>not difficult for the body to excrete excess H+.

    Again, you know nothing of physiology.  The H-K-ATPase is a pump.
It doesn't make acid disappear into the 5th dimension.  You eat acid,
you have to get rid of it.  That takes a mineral buffer.

>> > Have you checked to see if calcium, phosphorus, and magnesium intake
>> > was the same between the low and high protein groups?
>>    Yes, these are controlled in the experiments.
>Name the study, then. Don't just assert that it exists.


Okay, here are two such studies.

J Nutr 1981 Feb;111(2):244-251
Long-term effects of level of protein intake on calcium metabolism in
young adult women.

Hegsted M, Linkswiler HM

The long-term effect of level of protein intake on calcium metabolism,
renal function and renal acid excretion was determined during a 75-day
metabolic study. Six women consumed a diet containing either 46 or 123
g protein for 60 days; they then consumed the alternate diet for 15
days. Calcium, phosphorus and magnesium intakes were maintained
constant at 500, 900 and 350 mg, respectively, throughout the 75-day
study. Urinary calcium was remarkably constant with time at both levels
of protein intake but was approximately twice as high when the 123 g
protein diet was consumed. Level of protein intake had
no effect on calcium absorption; the increase in urinary calcium found
when the high protein diet was given, therefore, caused a markedly
negative calcium balance. Glomerular filtration rate (GFR) and renal
acid excretion were higher and fractional renal tubular reabsorption of
calcium was lower when the high protein diet was given. The
hypercalciuria caused by the high protein intake was due primarily to
the decrease in fractional tubular reabsorption of calcium
and, to a lesser extent, to the increase in GFR. Neither GFR,
fractional renal tubular reabsorption of calcium nor any of the
components of renal acid excretion exhibited any tendency to change
with time over the 60-day experimental period.


Am J Clin Nutr 1981 Oct;34(10):2178-2186
Calcium metabolism in postmenopausal and osteoporotic women consuming
two levels of dietary protein.

Lutz J, Linkswiler HM

Eight postmenopausal women, four with osteoporosis diagnosed by their
physician and four without, participated in a metabolic study to
investigate the effects of level of protein intake on calcium
metabolism; renal acid excretion; plasma total and ultrafiltrable
calcium; 1,25-dihydroxyvitamin D; and serum immunoreactive parathyroid
hormone. Radial bone mineral content was evaluated. Protein intake was
50 g/day during the 1st 15-day experimental period and 110 g
during the 2nd period. Calcium, magnesium, and phosphorus intakes were
held constant at 713, 323, and 1078 mg/day. The increase in protein
intake significantly increased net calcium absorption and urinary
calcium. A calcium intake of 713 mg was not sufficient for calcium
balance for most of the women studied. The calciuretic effect of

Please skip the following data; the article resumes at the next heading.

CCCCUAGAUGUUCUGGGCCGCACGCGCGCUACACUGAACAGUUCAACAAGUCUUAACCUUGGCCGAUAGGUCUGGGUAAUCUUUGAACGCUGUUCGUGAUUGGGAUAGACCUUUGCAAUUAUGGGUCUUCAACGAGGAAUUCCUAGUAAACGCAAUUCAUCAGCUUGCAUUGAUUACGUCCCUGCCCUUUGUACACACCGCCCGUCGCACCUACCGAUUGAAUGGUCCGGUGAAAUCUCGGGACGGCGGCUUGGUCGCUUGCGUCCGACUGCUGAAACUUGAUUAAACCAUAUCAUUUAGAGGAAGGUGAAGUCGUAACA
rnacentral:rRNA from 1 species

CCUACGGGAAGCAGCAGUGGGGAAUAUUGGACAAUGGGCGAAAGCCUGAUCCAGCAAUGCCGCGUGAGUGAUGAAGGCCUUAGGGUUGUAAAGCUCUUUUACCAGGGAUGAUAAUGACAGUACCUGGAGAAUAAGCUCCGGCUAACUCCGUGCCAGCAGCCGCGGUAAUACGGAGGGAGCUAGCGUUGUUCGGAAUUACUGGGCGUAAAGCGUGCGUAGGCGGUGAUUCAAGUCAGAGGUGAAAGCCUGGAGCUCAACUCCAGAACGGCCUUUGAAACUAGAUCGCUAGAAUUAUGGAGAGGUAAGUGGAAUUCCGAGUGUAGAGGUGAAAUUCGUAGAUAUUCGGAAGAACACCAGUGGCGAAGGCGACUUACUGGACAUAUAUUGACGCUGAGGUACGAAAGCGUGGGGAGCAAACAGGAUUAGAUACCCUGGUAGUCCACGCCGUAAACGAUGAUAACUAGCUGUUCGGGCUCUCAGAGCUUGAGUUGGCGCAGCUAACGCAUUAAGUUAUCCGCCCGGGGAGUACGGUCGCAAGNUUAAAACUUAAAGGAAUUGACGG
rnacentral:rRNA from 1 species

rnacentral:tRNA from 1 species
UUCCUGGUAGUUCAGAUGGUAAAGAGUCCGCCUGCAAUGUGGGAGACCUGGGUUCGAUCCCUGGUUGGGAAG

increased protein intake was associated with increased renal acid
excretion. None of the plasma and serum measurements
mentioned above was significantly affected by the level of protein
intake except for a slight increase in plasma total calcium. No
significant differences in radial bone mineral content or in any of the
other measurements were observed between the osteoporotic and the
normal group of women.

And here is another similar study.  There are many more in the
literature.  Pay attention to the author conclusions.

Fed Proc 1981 Jul;40(9):2429-2433
Protein-induced hypercalciuria.

Linkswiler HM, Zemel MB, Hegsted M, Schuette S

Under controlled dietary conditions the level of dietary protein has a
profound and sustained effect on urinary calcium and calcium retention
of man. Young adults achieve calcium balance at low intakes of 500 mg
calcium and 700 to 1,000 mg phosphorus when protein intake is 50 g.
Large calcium losses occur at the same calcium and phosphorus intakes
when the protein intake is increased approximately threefold. The
protein-induced hypercalciuria is due mainly to a decrease in
fractional renal tubular reabsorption of calcium, although
an increase in glomerular filtration rate is also involved. The changes
in kidney function appear to result from the catabolism of excess
dietary sulfur amino acids to sulfate and the subsequent excretion of
sulfate in the urine. An increase in both protein and phosphorus
intakes has a much less dramatic effect on urinary calcium and calcium
retention than an increase in protein intake alone. An increase in
dietary phosphorus greatly reduces urinary calcium by increasing the
fractional renal tubular reabsorption of calcium. It appears
therefore that high protein intakes may increase the requirements for
both calcium and phosphorus.

>Don't forget that YOU are the one making a positive assertion here.
>You are saying that high protein diets cause loss of calcium. If you
>want your assertion to have any credibility, the burden is on you to
>support it. If you think your assertion has credibilty because you
>have an M.D. degree and therefore it should be accepted until I refute
>it, you have things quite backwards.

Okay, asshole.  The above studies are a start.  There are more,
however, if you want me to keep rubbing it in.  What I want to
know is why people with no training think they can make assertions like
yours without bothering to do the search time?  Is it an ego thing, or
just plain stupidity?  If an auto mechanic said something to me about
automobiles, I think I'd do some careful reading before calling him a
quack (or whatever) in public.  So what's your problem?  Too much
testosterone in your weight regimin?  Mother drop you on your head?
What?  Inquiring minds want to know.

>If you want to talk about not taking any brains, let me point out that
>it takes no brains to make the assertions that you have made.
>Absolutely none whatsoever. In fact, lack of brains would help a great

    So you say.  And you're the one who would know.   Next time you
call something a doctor says a "quack assertion," do your homework
first.  It will save you much embarassment.

                             Steve Harris, M.D.